What Happens To My Debts When I Die

2019-02-14   minute read

Wesley Cowan

Debt Solutions

Lifestyle Debt

As baby boomers continue to age, they face a growing number of questions about how they’re going to manage in the last phase of their lives. Of the nearly nine million Canadian men and women who will reach retirement age over the next decade, most will likely have some debt. This leaves many older men and women worrying how they will cope with their debts on a fixed income and what will happen if they die before they can repay those debts.

Person talking on their cellphone looking over paperwork

Some common questions include:

  • Do creditors write off an individual’s debts when they die?
  • Do an individual’s debts become the next of kin’s responsibility?
  • Who is responsible for repaying those debts (and to what extent)?
  • What estate assets do creditors have a right to take?

Though most hope to leave a legacy for their loved ones, in many cases that won’t be possible given their current financial state. Understanding what happens to your debts after you pass away can help you remedy your situation with the time you have left.

Your Debts Don’t Die with You

Unfortunately, creditors will not simply write off your debts upon learning of your passing. Rather, these become the responsibility of your executor (also known as the estate trustee).

When you die, your executor will be responsible for notifying all your creditors, selling your assets and ensuring payment of all your debts. Only then can they begin distributing any remaining money or possessions to your next of kin or other beneficiaries.

Your executor will be accountable and could face penalties for overlooking any creditors, not paying them in full or not paying them ahead of your beneficiaries. It is therefore important they keep a detailed account of their steps and actions.

For the protection and peace of mind of your executor during this confusing, busy and often stressful time, it is advisable for you to:

  • Carry as little debt as possible into retirement.
  • Ensure your outstanding debts are well documented and kept up to date.

Your creditors may write off your debts if the proceeds from the sale of your assets is insufficient to fully pay off the outstanding balances. However, your executor must be able to prove it’s not possible to pay the debts from your estate. In this case your creditors must accept a partial payment and your beneficiaries will receive nothing.

Your Family Members Will Not (Necessarily) be Responsible for Your Debts

Your family members will generally not be responsible for your debts when you pass away. However, jointly held debts — such as joint credit cards or loans — are an exception. In that case, the individual who co-signed or guaranteed the debt will become responsible to pay any balance not covered by funds in your estate.  A jointly held or spousal credit card, for example, can make the surviving cardholder responsible for the entire debt, not just their own purchases.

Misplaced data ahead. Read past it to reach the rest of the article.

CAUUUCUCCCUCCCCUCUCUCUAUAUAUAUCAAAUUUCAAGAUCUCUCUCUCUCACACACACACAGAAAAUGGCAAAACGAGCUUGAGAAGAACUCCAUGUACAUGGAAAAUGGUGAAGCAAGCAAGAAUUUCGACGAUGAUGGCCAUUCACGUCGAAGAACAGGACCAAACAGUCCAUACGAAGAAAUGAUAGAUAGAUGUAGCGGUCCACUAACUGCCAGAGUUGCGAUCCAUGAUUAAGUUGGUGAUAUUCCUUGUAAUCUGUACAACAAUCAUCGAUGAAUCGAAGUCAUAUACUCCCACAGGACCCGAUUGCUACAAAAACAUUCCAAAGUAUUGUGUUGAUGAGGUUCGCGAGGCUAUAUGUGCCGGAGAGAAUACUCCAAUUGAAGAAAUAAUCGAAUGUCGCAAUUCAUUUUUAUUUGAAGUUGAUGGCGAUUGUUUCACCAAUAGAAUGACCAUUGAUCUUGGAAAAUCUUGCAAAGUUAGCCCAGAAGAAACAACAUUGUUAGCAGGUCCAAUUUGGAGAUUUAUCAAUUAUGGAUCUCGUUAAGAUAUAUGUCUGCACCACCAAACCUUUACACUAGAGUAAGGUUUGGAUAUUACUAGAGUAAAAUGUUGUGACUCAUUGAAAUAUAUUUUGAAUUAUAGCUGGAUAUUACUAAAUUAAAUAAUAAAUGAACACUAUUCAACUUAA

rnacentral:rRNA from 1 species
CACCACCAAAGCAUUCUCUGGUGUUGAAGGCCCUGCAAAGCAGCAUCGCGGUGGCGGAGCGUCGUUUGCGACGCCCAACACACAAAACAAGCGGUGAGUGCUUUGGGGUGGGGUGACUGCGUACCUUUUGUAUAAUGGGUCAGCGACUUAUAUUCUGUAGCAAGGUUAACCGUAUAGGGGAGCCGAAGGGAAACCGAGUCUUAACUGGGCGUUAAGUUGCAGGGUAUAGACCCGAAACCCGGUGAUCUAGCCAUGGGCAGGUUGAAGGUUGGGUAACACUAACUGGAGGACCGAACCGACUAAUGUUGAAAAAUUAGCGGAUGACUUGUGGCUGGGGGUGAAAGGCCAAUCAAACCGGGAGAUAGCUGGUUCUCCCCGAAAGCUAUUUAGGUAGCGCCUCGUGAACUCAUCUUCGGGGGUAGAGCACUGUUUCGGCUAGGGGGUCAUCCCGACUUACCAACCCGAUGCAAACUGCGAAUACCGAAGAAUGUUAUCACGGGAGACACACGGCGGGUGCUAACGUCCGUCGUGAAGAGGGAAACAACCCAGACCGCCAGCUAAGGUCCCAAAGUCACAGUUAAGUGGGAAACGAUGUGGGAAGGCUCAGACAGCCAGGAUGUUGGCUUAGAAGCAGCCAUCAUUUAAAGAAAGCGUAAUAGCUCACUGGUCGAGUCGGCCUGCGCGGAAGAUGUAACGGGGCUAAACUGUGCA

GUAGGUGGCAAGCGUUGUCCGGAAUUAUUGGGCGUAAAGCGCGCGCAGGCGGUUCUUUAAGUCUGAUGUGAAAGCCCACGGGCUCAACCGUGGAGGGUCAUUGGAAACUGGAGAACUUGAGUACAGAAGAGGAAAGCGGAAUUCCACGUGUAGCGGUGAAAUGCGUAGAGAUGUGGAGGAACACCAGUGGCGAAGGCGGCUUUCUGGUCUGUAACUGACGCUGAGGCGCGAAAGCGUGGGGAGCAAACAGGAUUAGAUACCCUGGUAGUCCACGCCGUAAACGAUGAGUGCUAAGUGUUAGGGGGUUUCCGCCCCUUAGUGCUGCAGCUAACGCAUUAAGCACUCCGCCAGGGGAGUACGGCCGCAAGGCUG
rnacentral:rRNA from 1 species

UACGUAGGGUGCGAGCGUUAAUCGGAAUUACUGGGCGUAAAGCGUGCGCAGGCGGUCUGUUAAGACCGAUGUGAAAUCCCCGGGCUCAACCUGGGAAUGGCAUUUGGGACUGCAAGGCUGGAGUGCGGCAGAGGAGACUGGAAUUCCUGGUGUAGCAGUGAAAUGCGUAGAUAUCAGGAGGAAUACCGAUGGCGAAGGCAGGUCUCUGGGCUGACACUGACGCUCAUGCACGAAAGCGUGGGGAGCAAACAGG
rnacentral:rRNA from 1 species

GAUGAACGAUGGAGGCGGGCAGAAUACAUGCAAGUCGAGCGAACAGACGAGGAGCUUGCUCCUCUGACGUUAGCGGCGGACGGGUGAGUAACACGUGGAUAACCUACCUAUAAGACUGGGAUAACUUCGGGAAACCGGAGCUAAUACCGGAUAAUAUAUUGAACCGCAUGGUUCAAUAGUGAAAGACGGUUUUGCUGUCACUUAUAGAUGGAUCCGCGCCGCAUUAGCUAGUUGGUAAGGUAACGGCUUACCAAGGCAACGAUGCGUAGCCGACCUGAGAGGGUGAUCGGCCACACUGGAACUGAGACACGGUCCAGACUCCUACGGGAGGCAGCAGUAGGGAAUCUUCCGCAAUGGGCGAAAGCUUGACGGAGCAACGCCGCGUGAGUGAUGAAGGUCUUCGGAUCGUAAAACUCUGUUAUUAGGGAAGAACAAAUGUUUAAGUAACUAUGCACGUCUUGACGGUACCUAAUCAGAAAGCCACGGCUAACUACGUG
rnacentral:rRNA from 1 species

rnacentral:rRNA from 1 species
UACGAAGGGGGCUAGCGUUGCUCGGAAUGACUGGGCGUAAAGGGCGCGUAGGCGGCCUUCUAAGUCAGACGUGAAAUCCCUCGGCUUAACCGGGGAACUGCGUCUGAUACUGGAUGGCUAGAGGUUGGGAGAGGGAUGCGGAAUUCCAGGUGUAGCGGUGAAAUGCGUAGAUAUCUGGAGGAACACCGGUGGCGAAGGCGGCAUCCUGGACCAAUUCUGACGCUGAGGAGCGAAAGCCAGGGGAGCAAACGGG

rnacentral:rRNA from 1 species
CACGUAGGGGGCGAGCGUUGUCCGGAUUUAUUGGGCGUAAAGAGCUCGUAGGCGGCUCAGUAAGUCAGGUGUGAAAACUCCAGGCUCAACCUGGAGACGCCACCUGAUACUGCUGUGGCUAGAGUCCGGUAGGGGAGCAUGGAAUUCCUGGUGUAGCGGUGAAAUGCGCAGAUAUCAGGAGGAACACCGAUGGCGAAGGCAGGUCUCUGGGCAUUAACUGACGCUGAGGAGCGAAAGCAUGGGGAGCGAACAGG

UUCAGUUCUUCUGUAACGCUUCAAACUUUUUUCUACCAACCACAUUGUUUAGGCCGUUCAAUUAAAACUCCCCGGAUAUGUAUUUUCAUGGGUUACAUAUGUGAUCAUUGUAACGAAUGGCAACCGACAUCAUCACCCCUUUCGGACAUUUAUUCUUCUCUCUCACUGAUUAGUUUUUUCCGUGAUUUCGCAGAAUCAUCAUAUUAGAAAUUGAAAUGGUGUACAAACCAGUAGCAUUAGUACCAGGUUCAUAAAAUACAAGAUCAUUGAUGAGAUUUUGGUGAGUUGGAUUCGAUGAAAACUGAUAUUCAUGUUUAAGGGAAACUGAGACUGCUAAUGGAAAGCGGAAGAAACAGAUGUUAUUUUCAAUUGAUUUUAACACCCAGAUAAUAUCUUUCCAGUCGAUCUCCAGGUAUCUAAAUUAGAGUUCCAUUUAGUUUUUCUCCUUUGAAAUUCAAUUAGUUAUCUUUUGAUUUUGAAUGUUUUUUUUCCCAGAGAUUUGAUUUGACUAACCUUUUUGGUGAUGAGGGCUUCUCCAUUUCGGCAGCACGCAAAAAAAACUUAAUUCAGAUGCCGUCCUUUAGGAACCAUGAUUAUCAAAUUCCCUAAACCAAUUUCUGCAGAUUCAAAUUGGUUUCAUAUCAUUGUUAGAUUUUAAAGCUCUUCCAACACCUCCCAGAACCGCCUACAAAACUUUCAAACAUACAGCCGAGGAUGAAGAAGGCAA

Not Everything is Fair Game for Creditors

Although most estate cash and assets are available as payment to creditors, there are two main exceptions:

Life insurance policies – Creditors have no claim to any life insurance policy payout to named beneficiaries. If you have a life insurance policy with a named beneficiary, the full payment will go to the beneficiary — even if the person is also a beneficiary listed in the will.

Registered Retirement Savings Plans (RRSPs) – If you have an RRSP and have designated a beneficiary, the RRSP and its funds do not become part of your estate and are not available to your creditors. It is important to note, however, that if your beneficiary is not your spouse, they may be responsible for paying income tax on your plan - as the RRSP is deemed to have been cashed out upon your death.

Leave a Legacy, Not a Liability

As the number of retirees continues to grow, so does the importance of estate planning for many people. While it’s important to keep your will up to date — it’s also essential to consider how you’ll reduce or eliminate your debt before you pass away.

Meeting with a lawyer and financial planner are important steps to confirm beneficiaries and ensure there will be something to bequeath. But if debt is an issue, consider meeting with a Licensed Insolvency Trustee to get the Life-Changing Debt Solution you and your loved ones need.

With a bit of knowledge and planning now, you can be confident that what you have will go to the people you love — rather than be picked apart and sold off for the benefit of your creditors. It will make settling your estate less complicated for your executor and help leave a legacy to those you care about.

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